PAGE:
Compassion First

Compassion First is a 501(c)(3) non-profit organization, providing long-term, hope-filled solutions for survivors of child sexual trafficking. We have a global vision, providing services to the world's most vulnerable in one of the most under-served regions of the world.
Mar 24, 2015

Life at Sarah's House

Many early mornings as I arrive at our shelter and I head through our secure gated entrance, across the side yard towards the back of the property, I’ll spot one of our girls in the outdoor laundry area listening to some tunes while rinsing her clothes in the water coming from our newly dug well. I’ll head towards the house living quarters and, just as I’m entering, another girl will dart out of her room in a hurry, barefoot, all dressed, hair done and fresh makeup, searching for her shoes. She’s already a little late for her vocational training school, or perhaps a family visit. One house mom will be patiently helping her search. Across the room another girl sits on the couch playing the guitar and singing for her personal morning worship time.  I’m almost always greeted by whomever is there. “Hey Ka Becks, good morning.” They like to use the English they’ve been learning and I’m usually just as eager to use my Bahasa, “Pagi, nona! Apa kabarmu?” We’ll chat a moment for fun about absolutely nothing or catch up on what’s been going on. Then I’ll head out the back of the living quarters. 

Immediately I can hear chit-chat and giggles coming from a couple more girls hanging out with a house mom and a case coordinator at the breakfast table on the open-air patio next to the kitchen. One of the girls will still be in her morning tennis workout clothes, obviously needing a shower, while the other is still in her morning pj’s.  Across from the patio one of our teachers will be in an empty classroom preparing for morning lessons which start in about an hour. If I don’t get sucked into the conversation at the breakfast table I’ll head into our office where I’ll usually find a couple other staff members preparing their morning agendas.

Believe it or not, at Sarah’s House most mornings are just like this but obviously not all. They are teenage girls after all working through the emotions of their teen years with the additional challenges that are still being resolved from their past trafficking situations. However, much of their progress and healing comes directly from our ability to provide for them the every day love and basic needs that every kid should have.  A safe home with loving and caring people that come alongside them every day. A stable environment of healthy nurturing every day. An environment of learning and opportunity every day.  Thank you so much for helping us provide some of the most important things these girls need — this home, this place of hope and healing.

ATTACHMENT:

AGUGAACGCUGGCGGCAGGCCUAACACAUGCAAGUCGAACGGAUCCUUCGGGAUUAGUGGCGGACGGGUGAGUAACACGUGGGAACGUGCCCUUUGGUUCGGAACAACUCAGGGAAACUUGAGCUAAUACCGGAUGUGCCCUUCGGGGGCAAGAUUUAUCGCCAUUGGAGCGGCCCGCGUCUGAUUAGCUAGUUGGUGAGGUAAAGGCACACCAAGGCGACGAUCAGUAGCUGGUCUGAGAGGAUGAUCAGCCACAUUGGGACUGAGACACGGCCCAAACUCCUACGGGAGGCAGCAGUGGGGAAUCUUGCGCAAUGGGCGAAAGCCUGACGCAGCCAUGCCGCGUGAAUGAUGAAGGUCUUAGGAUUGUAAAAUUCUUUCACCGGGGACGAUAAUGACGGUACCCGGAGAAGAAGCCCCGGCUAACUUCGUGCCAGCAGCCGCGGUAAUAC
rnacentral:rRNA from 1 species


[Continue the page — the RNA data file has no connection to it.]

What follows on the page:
Jan 6, 2015

Update from the Care Team at Sarah's House

Indonesia bid us farewell in her characteristic way. One week before our departure we had a 7.3 earthquake, tsunami watch and torrential rains! Last year, it was a record-breaking flood! We like to think she just doesn’t want us to leave.

November 19th we flew home from a 2 ½ month visit to Sarah’s House. We are Robin and John Vendelin, known collectively by our ministry, Binding-Up Broken Hearts. Robin is a Licensed Mental Health Counselor in Washington State, and John is a pastoral counselor. We are called by the Lord to provide therapy and counseling to children, youth and their caregivers in this troubled world who are suffering the debilitating symptoms of Post-Traumatic Stress Disorder (PTSD) and have no access to mental health resources (due either to lack of available services or financial resources). We use cutting-edge techniques that work to assist the brain’s natural way of processing events to then process trauma that has been stuck in the “inbox”. These newer ways of treating PTSD typically work significantly faster than traditional talk therapy. Even during a relatively short visit of just a few months, we are able to see good results from our work. Last year we were with Compassion First (CF) in Indonesia for 3 months.

While at Sarah’s House this visit, we had the indescribable joy of working with CF’s precious residents as well as staff who recognized need for resolution of trauma that are part of their own lives. Especially exciting, our friend and colleague Cathy Thorpe, Licensed Mental Health Counselor, came to provide training to CF staff that broadened their therapeutic skills. Twelve staff took training, and twenty-two received treatment for PTSD with good results we have come to expect.